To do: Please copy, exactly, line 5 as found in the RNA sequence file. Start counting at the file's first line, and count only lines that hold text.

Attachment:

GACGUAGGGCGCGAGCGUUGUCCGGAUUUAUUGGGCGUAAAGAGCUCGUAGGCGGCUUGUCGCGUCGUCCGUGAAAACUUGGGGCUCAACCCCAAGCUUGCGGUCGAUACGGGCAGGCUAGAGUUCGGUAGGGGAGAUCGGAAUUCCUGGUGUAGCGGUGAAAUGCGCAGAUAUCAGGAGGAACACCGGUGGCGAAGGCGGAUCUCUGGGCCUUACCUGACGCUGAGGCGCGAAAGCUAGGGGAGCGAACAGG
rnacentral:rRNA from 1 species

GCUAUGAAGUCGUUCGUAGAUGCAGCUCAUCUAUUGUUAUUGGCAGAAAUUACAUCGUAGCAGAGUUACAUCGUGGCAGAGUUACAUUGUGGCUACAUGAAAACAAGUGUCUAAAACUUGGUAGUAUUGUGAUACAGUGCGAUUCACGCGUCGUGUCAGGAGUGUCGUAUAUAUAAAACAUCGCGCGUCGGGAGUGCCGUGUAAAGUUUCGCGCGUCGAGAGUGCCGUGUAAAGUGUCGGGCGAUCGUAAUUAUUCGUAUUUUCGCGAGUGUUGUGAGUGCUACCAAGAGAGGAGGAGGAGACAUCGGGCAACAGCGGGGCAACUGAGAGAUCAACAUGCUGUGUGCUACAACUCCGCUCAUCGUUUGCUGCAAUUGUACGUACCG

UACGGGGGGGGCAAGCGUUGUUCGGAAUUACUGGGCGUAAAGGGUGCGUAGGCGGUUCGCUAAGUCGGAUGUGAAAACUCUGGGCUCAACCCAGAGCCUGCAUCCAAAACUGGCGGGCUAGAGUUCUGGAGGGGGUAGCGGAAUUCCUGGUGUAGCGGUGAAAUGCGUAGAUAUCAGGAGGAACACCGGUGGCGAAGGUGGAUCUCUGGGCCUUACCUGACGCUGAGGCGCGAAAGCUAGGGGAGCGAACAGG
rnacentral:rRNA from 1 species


rnacentral:rRNA from 1 species